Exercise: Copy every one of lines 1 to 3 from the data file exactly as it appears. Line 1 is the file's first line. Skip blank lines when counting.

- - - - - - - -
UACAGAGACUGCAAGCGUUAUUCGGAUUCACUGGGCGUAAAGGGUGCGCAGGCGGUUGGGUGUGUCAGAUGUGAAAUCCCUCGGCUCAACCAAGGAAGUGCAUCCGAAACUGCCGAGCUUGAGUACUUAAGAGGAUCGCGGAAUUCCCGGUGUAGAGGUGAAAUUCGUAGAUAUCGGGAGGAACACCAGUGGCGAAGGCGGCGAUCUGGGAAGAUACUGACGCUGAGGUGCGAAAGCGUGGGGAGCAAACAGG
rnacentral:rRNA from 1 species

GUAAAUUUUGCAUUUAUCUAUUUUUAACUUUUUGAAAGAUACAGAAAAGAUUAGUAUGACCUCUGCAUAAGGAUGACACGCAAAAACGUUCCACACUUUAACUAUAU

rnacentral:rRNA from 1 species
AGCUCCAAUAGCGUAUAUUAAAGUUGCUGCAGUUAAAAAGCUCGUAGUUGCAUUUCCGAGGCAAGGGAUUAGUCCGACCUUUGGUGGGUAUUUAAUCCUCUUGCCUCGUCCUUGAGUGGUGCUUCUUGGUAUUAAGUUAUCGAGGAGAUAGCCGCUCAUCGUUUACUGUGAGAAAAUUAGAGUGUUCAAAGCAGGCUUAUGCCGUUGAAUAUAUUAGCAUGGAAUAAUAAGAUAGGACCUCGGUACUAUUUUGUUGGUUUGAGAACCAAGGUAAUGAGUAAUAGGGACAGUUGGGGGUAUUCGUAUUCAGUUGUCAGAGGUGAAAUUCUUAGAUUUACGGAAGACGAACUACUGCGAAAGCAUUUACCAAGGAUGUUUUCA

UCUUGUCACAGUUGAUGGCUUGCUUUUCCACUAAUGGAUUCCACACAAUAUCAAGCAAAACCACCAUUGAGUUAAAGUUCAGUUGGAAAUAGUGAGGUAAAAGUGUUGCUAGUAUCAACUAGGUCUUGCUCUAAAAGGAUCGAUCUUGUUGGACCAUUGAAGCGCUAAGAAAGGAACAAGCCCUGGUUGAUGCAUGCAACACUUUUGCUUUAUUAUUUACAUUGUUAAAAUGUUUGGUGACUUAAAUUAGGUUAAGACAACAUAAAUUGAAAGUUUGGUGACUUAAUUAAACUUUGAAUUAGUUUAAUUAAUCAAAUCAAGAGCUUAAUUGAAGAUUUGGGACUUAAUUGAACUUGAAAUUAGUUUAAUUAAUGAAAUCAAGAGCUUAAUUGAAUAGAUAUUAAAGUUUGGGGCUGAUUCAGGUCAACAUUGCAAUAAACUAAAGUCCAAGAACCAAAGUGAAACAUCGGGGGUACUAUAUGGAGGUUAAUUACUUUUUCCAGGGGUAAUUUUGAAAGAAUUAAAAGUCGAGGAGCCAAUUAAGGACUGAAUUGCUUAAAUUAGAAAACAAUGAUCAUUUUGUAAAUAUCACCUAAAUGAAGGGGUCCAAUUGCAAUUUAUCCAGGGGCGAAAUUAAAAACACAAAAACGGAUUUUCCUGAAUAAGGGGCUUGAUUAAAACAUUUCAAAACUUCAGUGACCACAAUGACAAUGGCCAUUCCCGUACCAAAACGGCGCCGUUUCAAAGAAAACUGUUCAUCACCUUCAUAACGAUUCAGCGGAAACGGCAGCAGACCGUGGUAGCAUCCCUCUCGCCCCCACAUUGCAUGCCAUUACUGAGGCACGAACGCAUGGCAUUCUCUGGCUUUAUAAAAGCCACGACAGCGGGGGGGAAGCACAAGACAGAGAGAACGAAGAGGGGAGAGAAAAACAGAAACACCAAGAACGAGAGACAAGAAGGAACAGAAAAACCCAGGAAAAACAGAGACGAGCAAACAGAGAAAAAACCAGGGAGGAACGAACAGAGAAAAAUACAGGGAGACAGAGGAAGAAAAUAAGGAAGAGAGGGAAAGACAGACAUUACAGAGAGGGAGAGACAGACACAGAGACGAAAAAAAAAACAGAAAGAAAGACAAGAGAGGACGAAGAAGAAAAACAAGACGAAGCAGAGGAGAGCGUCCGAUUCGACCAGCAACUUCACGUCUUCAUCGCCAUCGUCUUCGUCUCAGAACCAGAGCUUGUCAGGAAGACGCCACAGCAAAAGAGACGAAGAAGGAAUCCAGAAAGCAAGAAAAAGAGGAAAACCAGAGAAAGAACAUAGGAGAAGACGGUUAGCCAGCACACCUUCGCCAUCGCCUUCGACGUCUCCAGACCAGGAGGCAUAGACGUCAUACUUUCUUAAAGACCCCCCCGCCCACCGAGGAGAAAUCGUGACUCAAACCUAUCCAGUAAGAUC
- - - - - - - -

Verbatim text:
UACAGAGACUGCAAGCGUUAUUCGGAUUCACUGGGCGUAAAGGGUGCGCAGGCGGUUGGGUGUGUCAGAUGUGAAAUCCCUCGGCUCAACCAAGGAAGUGCAUCCGAAACUGCCGAGCUUGAGUACUUAAGAGGAUCGCGGAAUUCCCGGUGUAGAGGUGAAAUUCGUAGAUAUCGGGAGGAACACCAGUGGCGAAGGCGGCGAUCUGGGAAGAUACUGACGCUGAGGUGCGAAAGCGUGGGGAGCAAACAGG
rnacentral:rRNA from 1 species

GUAAAUUUUGCAUUUAUCUAUUUUUAACUUUUUGAAAGAUACAGAAAAGAUUAGUAUGACCUCUGCAUAAGGAUGACACGCAAAAACGUUCCACACUUUAACUAUAU